Eagle hunting day. We thought we had to drive a few kilometers out, but all the eagle action happened right next to the family’s camp. He did a few flights and we were allowed to hold the eagle. We made some sweet pictures that morning. Then they got some horses out and we went out for a little walk. It was funny because we all kind of thought we were going out by horse to do some more eagle hunting, but it was just a short stroll on a horseback :). After the morning we headed back to Ölgi where we decided to go to the lake together, and see from there where we we would go. I got a Mongolian sim card and stocked up on food, drinks and useful things. We drove east for 2 or 3 hours before setting up camp, getting a little lost sometimes. Mongolian roads take a little getting used to. The advantage is that you can simply stop anywhere and set up camp. We made another great meal and headed into the cars quite early again, because it was cold.

Awesome eagle boss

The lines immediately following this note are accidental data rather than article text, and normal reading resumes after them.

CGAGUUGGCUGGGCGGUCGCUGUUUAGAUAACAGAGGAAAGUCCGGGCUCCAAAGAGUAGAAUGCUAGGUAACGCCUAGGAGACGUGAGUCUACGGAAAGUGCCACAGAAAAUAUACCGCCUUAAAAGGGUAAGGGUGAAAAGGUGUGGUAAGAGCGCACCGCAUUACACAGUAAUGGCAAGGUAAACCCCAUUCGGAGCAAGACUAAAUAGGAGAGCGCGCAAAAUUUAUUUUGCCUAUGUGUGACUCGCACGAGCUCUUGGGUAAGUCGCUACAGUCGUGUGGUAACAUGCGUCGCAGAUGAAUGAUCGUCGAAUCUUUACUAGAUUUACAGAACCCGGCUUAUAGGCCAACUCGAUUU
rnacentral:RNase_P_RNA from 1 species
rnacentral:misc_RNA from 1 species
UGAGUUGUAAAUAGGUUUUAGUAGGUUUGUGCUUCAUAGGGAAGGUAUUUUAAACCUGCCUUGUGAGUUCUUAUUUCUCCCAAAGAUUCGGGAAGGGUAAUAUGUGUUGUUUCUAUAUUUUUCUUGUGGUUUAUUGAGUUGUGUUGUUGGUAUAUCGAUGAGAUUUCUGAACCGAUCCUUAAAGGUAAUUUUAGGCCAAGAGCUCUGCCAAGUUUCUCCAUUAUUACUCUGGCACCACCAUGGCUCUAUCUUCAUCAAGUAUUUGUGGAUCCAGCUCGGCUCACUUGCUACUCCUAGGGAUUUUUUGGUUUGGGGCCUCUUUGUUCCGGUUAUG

Not a boss, but learning

Lady of the house holding up some home made handycrafts

Many “roads” look like a collection of trails running along one another

We arrived at the lake of interest the next day. But it was quite an uninspiring lake. I even forgot to take pictures from it :P. We continued past the lake to go look for a super old statue. On the way there, the German’s Landy got a flat tire because they drove over an old horse shoe. It ended up completely into the tire. They had 2 spares so it was no disaster. We didn’t have to search long for the statue. It was standing in the wide open, next to a river. When we drove back, I found a big stack of wood that we took with us for a camp fire. At the lake we turned left, into the mountains (Tsambagarav Uul mountain range). There was supposed to be a route through to the other side of the range. With a pretty steep slope we drove up, and were soon at about 3000 meters, gearbox overheating from time to time. The views were spectacular. We continued along a path on the map that we thought could lead us through the range, but we ended up on a dead end. Because it was getting dark, we decided to head back to a flat spot we noticed on the way up, and parked the cars. We made a camp fire and ate some dinner. It was windy and cold so we didn’t manage to stay out long again, but it was a cosy evening.

Camp on the way to the lake

Just standing around, soaking it in